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Full Name: 
Silicon Platform for Quantum Spintronics
Jérôme PLANÈS (administrative contact)


CEA Grenogle
45° 11' 20.8428" N, 5° 43' 58.44" E
Running time: 
2013-09-01 - 2016-08-31

It is widely believed that next-generation electronic devices will exploit the quantum mechanical nature of electrons, as opposed to the classical operating principles of current electronics. This is one of the leading paradigms at the origin of quantum spintronics, a developing field whose goal is to create useful device functionalities out of the spin degree of freedom of electrons. So far, quantum spintronics has remained a matter of basic research. In spite of some remarkable progress, a number of hurdles remain to be overcome so that disruptive solutions and radically new approaches are needed.

The “Silicon platform for Quantum Spintronics” (SiSPIN) project brings together a multidisciplinary team of recognised European experts with a strong track record of cooperative work in the field of ultra-sensitive measurements of nanostructures at low temperature and in extreme conditions. SiSPIN Technological implications range from improving the switching performance of classical logic gates (e.g. towards lower energy consumption) up to the implementation of quantum computing devices based on spin qubits.


Quantum spintronics aims at utilizing the quantum nature of individual spins to bring new functionalities into logic circuits, either to make classical information processing more efficient or to implement spin-based quantum algorithms. Two critical aspects for quantum spintronics are a long spin coherence time and a strong, tunable spin-orbit interaction for fast electrical manipulation of spins. Up to now, experiments have mainly focused on III-V semiconductor nanostructures, where hyperfine coupling with nuclear spins limits electron-spin coherence. Low nuclear spin materials, and in particular group-IV semiconductors, were found to be a natural alternative. However, in most of the currently studied group-IV based systems, spin-orbit coupling is very weak, preventing fast electrical manipulation of spins.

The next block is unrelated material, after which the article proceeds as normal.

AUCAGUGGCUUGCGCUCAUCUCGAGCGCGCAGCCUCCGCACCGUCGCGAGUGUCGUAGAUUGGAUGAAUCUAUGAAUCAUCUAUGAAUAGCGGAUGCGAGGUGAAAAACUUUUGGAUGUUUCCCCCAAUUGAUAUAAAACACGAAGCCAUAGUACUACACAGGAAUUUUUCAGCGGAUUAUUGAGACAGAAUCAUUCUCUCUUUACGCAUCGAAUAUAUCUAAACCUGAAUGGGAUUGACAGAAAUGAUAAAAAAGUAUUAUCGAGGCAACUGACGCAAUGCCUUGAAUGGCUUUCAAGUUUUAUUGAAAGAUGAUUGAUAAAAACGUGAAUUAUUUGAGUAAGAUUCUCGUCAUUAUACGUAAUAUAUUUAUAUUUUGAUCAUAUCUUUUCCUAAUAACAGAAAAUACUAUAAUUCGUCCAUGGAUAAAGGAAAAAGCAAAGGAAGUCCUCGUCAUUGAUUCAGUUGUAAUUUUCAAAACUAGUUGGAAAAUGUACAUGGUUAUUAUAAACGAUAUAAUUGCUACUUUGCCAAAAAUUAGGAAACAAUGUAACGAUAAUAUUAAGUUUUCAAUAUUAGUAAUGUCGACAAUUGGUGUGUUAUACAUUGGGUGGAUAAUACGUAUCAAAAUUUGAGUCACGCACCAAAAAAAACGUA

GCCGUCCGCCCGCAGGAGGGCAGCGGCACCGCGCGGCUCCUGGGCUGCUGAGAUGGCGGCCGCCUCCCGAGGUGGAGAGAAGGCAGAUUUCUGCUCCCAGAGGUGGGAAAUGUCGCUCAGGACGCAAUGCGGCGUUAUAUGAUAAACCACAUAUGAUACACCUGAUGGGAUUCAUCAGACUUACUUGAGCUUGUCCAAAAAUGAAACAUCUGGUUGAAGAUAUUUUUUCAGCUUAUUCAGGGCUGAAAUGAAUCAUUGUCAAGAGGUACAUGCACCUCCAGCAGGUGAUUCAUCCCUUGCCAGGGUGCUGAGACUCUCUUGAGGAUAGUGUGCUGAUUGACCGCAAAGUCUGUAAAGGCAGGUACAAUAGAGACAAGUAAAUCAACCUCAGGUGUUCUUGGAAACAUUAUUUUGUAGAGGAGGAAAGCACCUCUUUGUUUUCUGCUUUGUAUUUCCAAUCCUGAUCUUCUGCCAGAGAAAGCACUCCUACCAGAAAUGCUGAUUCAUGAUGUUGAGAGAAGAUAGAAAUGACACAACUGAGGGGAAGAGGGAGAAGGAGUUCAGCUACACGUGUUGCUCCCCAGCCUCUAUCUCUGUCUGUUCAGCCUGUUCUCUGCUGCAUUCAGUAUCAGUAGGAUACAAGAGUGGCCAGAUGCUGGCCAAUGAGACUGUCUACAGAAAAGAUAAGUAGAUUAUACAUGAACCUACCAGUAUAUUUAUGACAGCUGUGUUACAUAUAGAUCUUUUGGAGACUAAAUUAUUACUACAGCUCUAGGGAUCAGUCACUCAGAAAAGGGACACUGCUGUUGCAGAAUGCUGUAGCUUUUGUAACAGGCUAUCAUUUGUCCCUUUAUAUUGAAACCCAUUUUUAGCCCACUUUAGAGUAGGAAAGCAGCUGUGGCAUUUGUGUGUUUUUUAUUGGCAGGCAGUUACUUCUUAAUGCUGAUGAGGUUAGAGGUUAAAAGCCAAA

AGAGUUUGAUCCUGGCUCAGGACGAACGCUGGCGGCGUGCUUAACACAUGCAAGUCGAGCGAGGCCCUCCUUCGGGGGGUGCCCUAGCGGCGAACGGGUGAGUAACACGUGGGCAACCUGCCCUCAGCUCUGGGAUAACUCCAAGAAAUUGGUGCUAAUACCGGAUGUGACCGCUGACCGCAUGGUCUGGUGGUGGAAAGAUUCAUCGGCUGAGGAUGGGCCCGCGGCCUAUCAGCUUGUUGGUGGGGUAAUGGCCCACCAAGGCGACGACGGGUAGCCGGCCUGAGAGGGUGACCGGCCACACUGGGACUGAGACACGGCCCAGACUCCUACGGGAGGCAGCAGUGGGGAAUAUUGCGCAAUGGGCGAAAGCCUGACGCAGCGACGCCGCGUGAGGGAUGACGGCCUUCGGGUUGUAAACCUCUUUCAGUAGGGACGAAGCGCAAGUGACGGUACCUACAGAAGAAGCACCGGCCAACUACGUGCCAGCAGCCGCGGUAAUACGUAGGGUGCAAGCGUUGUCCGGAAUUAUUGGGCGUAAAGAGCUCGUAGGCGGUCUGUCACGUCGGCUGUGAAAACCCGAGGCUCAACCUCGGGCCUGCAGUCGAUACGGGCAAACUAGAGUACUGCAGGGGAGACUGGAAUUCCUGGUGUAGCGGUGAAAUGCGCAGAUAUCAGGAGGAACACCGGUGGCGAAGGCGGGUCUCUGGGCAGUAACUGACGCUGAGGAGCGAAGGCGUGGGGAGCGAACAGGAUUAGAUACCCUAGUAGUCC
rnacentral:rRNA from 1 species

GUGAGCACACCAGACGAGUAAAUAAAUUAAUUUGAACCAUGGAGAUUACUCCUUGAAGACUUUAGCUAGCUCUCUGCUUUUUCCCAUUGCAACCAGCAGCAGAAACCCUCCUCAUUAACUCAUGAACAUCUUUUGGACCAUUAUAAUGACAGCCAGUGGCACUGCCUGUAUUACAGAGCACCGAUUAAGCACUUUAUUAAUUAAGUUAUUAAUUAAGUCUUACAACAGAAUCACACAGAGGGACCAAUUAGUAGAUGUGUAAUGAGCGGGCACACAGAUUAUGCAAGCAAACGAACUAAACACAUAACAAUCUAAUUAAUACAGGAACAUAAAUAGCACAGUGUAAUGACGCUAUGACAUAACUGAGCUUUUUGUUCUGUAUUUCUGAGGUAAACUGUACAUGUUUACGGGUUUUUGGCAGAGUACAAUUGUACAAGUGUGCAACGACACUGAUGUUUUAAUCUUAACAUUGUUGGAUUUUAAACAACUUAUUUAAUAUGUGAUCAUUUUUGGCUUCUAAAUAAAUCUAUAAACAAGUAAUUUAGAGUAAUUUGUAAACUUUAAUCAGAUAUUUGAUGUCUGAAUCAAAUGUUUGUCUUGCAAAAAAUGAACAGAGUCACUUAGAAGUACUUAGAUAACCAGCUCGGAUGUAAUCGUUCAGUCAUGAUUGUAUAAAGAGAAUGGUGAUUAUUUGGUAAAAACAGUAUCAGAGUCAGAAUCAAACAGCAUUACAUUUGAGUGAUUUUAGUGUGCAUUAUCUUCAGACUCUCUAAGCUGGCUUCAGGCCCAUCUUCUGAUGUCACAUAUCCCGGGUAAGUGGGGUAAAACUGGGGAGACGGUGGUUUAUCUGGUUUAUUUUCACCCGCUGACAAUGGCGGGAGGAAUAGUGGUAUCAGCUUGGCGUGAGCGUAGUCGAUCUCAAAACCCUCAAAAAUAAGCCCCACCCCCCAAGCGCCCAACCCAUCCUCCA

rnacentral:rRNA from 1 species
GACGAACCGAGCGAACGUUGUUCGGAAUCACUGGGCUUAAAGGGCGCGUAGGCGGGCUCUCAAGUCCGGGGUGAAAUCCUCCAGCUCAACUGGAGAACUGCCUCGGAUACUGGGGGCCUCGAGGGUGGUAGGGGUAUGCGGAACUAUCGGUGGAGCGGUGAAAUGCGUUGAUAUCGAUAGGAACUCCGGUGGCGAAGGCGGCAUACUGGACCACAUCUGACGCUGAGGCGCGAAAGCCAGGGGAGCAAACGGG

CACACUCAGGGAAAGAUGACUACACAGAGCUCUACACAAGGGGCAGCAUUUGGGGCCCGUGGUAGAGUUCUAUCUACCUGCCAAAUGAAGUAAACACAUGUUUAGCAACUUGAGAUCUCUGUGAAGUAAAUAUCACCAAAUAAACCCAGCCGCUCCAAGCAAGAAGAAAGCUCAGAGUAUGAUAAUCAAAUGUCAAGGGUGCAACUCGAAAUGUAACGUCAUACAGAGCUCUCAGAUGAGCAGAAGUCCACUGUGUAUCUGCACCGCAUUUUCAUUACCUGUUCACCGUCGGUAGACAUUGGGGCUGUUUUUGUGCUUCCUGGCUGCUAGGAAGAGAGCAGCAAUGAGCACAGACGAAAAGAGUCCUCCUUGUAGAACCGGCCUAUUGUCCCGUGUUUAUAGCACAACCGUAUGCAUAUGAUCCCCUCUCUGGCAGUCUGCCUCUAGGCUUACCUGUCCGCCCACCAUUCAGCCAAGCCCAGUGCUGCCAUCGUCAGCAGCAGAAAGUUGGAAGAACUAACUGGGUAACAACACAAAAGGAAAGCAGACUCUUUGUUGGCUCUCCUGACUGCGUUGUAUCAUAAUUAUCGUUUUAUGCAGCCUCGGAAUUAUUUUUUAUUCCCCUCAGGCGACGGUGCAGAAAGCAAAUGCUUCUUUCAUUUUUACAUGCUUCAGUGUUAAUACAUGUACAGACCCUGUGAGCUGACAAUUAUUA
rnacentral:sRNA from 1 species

We propose to investigate a new direction based on p-type SiGe nanostructures. This system has the unique combination of low hyperfine and strong spin-orbit couplings. Aside from developing demonstrator devices such as spin-filters or single spin qubits, we aim at exploring recently proposed schemes for long range spin-spin coupling, an essential requirement for scalable qubit circuits. To investigate hole-spin dynamics and achieve quantum spintronic functionalities, novel types of concepts will be experimentally investigated (spin-polarized helical states, spin-orbit mechanisms for spin-selective tunnelling and long-range spin-spin coupling, etc.). Because of the higher complexity of hole-type systems, a dedicated theoretical framework will be developed in support to experiments. In addition to a bottom-up approach which has been successful in providing nanowire and quantum-dot heterostructures, we shall realize SiGe quantum devices by means of state-of-the-art CMOS technology. This will allow us to know how spin-based functionalities demonstrated in bottom-up nanostructures can be implemented into a truly scalable silicon platform.

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